REVIEW: Fun like a two-star hotel in Ulan Bator
10104 109 Street
The concept of the “fast casual” restaurant seems to have really taken off lately.
We reviewed two similar restaurants, Famoso Neapolitan pizza and Mucho Burrito, a few weeks ago with decidedly different results.
On the other hand, though it only has two locations, The Mongolie Grill is sort of the granddaddy of fast dining, having been around for a decade already. If you take it for what it is – a quick, reasonably nutritious meal in a nice environment – it’s got a lot going for it. The restaurant is modernist and stylish, with a large, open bar area. It has three Asian beers on the menu to fit in with the theme.
That’s about as authentically Mongolian as it gets, of course. Like the detestable, instantly deportable Mucho Burrito, it’s more a brand than a cultural indicator, although the back story abut Mongolian warriors cooking stir fry in their shields was cute.
And at its core, that’s what Mongolie grill is: a u-pick stir fry joint. You walk around a buffet bar and load a bowl. Your price is based on the weight of the bowl. There are a ton of crisp, fresh vegetables, including slices of pepper, baby corns, onions, lettuce, snow peas, two types of noodle, sliced carrot…a whole lot of goodness, basically. Then there’s a buffet of iced meat cuts, including thin sliced beef and pork, chicken, squid, pollock and tiger prawns.
All of this is topped off with sauces from an extensive bar. The melange is the then thrown on a huge open-top grill and their cooks whip up your dish. They serve it on a bed of jasmine rice, and it comes with a soup of the day, to boot.
So, to the food. I opted to keep my vegetable count lower than my dining partner, figuring I’d use the net weight saved to keep the price down, but still sample a cross section from the meat and seafood buffet. My bowl consisted of baby corn, carrots, red onion, lettuce and glass noodles. My meats were sliced beef and pork, with a healthy handful of tiger prawns thrown in for good measure. I went with the Mongolie sauce, which was advertised as sweet and hot.
Annnnd…..that’s about it. It’s quick, it’s convenient, and when the waitress delivers your selection to your table, it’s nicely plated to appear something akin to an actual dish, rather than just stir fry.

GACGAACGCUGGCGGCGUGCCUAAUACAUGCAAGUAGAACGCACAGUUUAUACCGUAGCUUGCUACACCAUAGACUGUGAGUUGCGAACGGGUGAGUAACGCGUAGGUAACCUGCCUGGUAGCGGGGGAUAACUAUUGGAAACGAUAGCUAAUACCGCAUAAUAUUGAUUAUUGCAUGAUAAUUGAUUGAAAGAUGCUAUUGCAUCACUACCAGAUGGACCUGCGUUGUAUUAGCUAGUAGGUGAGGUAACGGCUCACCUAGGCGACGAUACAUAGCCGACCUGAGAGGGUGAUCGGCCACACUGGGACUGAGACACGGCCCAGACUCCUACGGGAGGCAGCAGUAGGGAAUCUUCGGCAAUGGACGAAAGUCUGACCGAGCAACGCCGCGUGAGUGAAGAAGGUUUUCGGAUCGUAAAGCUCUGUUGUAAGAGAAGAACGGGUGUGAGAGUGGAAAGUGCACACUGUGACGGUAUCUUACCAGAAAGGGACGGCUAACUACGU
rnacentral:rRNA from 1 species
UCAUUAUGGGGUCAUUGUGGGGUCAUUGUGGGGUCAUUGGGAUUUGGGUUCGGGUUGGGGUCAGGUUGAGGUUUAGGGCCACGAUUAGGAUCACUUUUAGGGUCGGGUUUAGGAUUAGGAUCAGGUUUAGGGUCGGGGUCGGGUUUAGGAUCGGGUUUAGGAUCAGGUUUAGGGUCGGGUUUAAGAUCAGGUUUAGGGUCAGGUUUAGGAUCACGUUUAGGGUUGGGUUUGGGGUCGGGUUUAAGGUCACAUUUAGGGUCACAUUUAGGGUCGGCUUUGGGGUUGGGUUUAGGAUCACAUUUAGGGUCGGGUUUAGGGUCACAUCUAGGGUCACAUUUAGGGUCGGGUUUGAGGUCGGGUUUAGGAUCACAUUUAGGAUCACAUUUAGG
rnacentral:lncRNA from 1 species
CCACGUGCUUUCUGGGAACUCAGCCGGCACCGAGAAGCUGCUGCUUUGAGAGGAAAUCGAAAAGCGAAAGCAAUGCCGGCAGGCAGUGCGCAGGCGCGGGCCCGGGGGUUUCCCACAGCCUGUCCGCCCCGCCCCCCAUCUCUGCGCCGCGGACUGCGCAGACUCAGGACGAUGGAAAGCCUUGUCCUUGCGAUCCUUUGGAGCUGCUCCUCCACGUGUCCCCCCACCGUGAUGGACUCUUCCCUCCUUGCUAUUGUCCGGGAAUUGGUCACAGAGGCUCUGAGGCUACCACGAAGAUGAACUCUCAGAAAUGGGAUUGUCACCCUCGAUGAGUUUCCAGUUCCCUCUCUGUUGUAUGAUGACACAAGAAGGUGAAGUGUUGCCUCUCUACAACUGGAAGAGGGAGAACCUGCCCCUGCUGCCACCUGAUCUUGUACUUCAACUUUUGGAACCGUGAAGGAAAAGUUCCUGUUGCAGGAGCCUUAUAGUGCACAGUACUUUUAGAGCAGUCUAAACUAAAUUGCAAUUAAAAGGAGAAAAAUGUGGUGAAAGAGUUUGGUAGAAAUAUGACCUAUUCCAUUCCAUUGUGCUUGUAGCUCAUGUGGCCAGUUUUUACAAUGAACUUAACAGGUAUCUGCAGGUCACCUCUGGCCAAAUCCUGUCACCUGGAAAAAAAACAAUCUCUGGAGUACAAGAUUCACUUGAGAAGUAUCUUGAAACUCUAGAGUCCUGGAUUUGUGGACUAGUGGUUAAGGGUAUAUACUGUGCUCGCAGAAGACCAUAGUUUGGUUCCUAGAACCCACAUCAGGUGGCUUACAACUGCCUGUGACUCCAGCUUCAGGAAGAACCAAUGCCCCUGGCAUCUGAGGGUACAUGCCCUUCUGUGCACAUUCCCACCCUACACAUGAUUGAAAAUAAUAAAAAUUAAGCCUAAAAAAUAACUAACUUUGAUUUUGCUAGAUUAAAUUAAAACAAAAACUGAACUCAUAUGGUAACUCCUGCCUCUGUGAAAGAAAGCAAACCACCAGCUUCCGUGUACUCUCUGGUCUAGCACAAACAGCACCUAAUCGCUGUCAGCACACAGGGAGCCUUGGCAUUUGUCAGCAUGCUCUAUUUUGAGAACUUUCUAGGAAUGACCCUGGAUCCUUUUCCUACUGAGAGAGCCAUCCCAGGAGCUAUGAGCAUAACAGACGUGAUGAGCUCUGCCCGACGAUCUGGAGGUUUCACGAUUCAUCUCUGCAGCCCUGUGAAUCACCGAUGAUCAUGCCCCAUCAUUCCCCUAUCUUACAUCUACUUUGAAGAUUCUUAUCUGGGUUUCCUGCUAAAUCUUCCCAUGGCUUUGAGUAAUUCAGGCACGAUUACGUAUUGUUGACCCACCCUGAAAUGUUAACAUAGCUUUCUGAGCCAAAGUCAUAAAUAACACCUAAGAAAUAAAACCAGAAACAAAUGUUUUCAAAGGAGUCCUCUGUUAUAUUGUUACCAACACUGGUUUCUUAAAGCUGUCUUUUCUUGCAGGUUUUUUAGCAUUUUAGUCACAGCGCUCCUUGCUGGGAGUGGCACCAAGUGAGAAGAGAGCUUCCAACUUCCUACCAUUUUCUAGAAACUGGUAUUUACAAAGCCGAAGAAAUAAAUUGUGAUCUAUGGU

Unfortunately, picking your sauces is obviously a trial-and-error process. Both my dining partner and I ladled two generous portions over our bowl, but by the time it had cooked down, it was hard telling there had been any sauce on it at all. As such, it just seemed a mildly favoured stir fry anyone could cook at home.
My dish came to just shy of $15 and my dining partner’s was closer to $16, even though she selected mostly vegetables. Again, for an unspectacular stir fry, that’s a bit expensive – though it did amount to a substantial amount on the plate – we each had almost a full meal’s worth to cart home. The hot and sour soup appetizer was good, the jasmine rice was sticky without being stodgy. With a couple of beers and tip it came to a fairly pricey $50 lunch.
The upside? The environment was nice, the service was excellent. The downside? The food is just OK. As mentioned, the sauce was cooked down to non-existence and the beef was a little dry, suggesting it just spent slightly too long on the grill. The prawns well-cooked but suffering somewhat in flavour from sitting in ice. The pork was quite excellent.
In all, it was pleasant enough, but did nothing to remind one of a Mongolian battlefield, or anything else particularly Asian.
Not awful, but it did not warrant a return.